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When Darling thinks of Augusta, she almost always thinks of the play-off between Justin Rose and Sergio Garcia in 2017 which resulted in the latter winning his long-awaited first major. So, too, Tiger’s remarkable victory in 2019. The idea that she’s going to get to follow in their spikemarks blows her mind.

“It’s hard to comprehend that I’m going to be there, playing the same course as them,” she adds. “Everything about the place is so special. The history, the course, the traditions. It’s not a golf club and The Masters and Augusta National Women’s Amateur are not just golf tournaments. They are so much more than that. They mean so much more than that. There’s a lot of things that come together to make them what they are.

“So, yeah. Bring it on.”

The 2022 Augusta National Women’s Amateur takes place at Champions Retreat Golf Club and Augusta National Golf Club from March 30 to April 2.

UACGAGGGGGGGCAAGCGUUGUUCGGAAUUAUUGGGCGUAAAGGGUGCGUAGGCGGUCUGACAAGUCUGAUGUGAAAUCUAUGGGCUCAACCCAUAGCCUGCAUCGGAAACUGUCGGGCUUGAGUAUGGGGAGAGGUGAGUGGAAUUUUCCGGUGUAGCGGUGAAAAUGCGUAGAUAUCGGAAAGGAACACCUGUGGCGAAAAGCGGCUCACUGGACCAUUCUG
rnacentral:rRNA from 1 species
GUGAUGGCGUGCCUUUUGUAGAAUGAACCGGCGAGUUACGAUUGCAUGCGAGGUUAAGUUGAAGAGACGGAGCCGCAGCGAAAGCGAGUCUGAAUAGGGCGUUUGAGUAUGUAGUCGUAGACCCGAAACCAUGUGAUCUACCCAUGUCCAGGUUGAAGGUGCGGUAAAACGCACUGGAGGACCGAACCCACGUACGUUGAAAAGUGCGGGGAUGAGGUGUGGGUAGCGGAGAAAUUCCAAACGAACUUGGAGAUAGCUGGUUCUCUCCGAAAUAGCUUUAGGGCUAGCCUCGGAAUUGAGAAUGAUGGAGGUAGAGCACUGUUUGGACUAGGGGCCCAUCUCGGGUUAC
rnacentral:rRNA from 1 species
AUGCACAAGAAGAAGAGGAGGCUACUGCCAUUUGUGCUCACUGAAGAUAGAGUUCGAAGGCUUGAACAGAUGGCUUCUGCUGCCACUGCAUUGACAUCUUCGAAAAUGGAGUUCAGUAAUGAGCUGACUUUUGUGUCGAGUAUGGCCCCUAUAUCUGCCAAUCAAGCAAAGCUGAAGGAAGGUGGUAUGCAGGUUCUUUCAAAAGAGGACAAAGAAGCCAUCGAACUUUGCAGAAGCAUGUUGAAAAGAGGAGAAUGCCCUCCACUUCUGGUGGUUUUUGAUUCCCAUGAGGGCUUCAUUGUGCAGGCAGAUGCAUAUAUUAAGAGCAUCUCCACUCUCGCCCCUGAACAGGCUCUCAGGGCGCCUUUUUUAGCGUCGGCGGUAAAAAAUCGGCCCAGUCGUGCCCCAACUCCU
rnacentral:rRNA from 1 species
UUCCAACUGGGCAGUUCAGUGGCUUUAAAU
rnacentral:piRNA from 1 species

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This feature first appeared in issue 191 of bunkered (Feb’ 2022). For our latest great subscription offer, click here. International subscriptions also available.

author headshot

Michael McEwan is the Deputy Editor of bunkered and has been part of the team since 2004. In that time, he has interviewed almost every major figure within the sport, from Jack Nicklaus, to Rory McIlroy, to Donald Trump. The host of the multi award-winning bunkered Podcast and a member of Balfron Golfing Society, Michael is the author of three books and is the 2023 PPA Scotland 'Writer of the Year' and 'Columnist of the Year'. Dislikes white belts, yellow balls and iron headcovers. Likes being drawn out of the media ballot to play Augusta National.

Deputy Editor